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  • Author: Oonagh Fitzgerald
  • Publication Date: 06-2018
  • Content Type: Special Report
  • Institution: Centre for International Governance Innovation
  • Abstract: At the December 2017 World Trade Organization (WTO) Ministerial Conference in Buenos Aires, 118 WTO members joined forces to launch the Declaration on Trade and Women’s Economic Empowerment. The members undertook to work together to develop best practices on how to apply gender-based analysis to domestic economic policy and international trade policy to encourage female entrepreneurship and financial inclusion, remove barriers to women’s participation in trade, and develop useful gender statistics and research. The Centre for International Governance Innovation undertook this essay series to raise awareness about this initiative and contribute to increasing understanding of how the declaration might contribute to economic empowerment of women.
  • Topic: Gender Issues, International Political Economy
  • Political Geography: Global Focus
  • Publication Date: 05-2018
  • Content Type: Special Report
  • Institution: Centre for International Governance Innovation
  • Abstract: Data has been hailed by some as “the new oil,” an analogy that captures the excitement and high expectations surrounding the data-driven economy. The success of the world’s most valuable companies (Apple, Google, Facebook and Microsoft) is now underpinned by a sophisticated capacity to collect, organize, control and commercialize stores of data and intellectual property. Big data and its application in artificial intelligence, for example, promises to transform the way we live and work — and will generate considerable wealth in the process. But data’s transformative nature also raises important questions around how the benefits are shared, privacy, public security, openness and democracy, and the institutions that will govern the data revolution. The recent Cambridge Analytica scandal has exposed the vulnerability of democracies to data strategies deployed on platforms such as Facebook to influence the outcomes of the Brexit referendum and the 2016 US presidential race. Any national data strategy will have to address both the economic and non-economic dimensions of harnessing big data. Balances will have to be struck between numerous goals. The essays in this collection, first published online in spring 2018, by leading scholars and practitioners, are grouped into five blocks: the rationale of a data strategy; the role of a data strategy for Canadian industries; balancing privacy and commercial values; domestic policy for data governance; and international policy considerations. An epilogue concludes with some key questions to consider around data governance in the digital age.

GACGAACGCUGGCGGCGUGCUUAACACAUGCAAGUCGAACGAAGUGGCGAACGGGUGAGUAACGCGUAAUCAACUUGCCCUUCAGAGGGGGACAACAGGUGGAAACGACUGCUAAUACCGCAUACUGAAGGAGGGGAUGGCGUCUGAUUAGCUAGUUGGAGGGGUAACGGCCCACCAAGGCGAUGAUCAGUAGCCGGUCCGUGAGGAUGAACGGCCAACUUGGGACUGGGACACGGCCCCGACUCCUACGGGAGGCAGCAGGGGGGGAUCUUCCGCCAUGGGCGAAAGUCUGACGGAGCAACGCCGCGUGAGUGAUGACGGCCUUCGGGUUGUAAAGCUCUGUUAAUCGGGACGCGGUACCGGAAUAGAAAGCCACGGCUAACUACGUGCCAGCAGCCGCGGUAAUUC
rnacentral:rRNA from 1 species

• Topic: International Affairs, Basic Data
  • Political Geography: Global Focus
  • Publication Date: 04-2018
  • Content Type: Special Report
  • Institution: Centre for International Governance Innovation
  • Abstract: The World Refugee Council (WRC) was created to build on the momentum generated by UN meetings in New York in September 2016, which saw the unanimous adoption of the New York Declaration for Refugees and Migrants, and to develop bold approaches to transform the current refugee system, focusing on the issues of accountability, responsibility sharing and governance, and finance. The WRC offers this interim report, and other discussion and research papers, to raise awareness of these issues and to stimulate ideas for reform that will transform lives.
  • Topic: International Organization, International Affairs
  • Political Geography: Global Focus
  • Author: Stephanie Maclellan, Christian Leuprecht
  • Publication Date: 04-2018
  • Content Type: Special Report
  • Institution: Centre for International Governance Innovation
  • Abstract: By virtue of the constitutional division of powers into federal and provincial jurisdictions, the governance of the provision of cyber security in Canada — and in comparable federal systems with constitutionally distinct levels of government, such as the United States and Australia — raises a host of policy-making challenges. This special report’s authors ponder the division of authority and responsibility — for cyber, in general, and cyber security, in particular — between public and private actors and different levels of government. Drawing on expertise and insights from business, law, policy and academia, they posit normative models of cyber security governance and gauge the advantages and disadvantages of different approaches. Their contributions illuminate some preliminary lessons for policy makers striving to improve governance outcomes across the cyber domain in Canada.
  • Topic: International Affairs
  • Political Geography: Global Focus
  • Author: Julie Maupin
  • Publication Date: 10-2017
  • Content Type: Special Report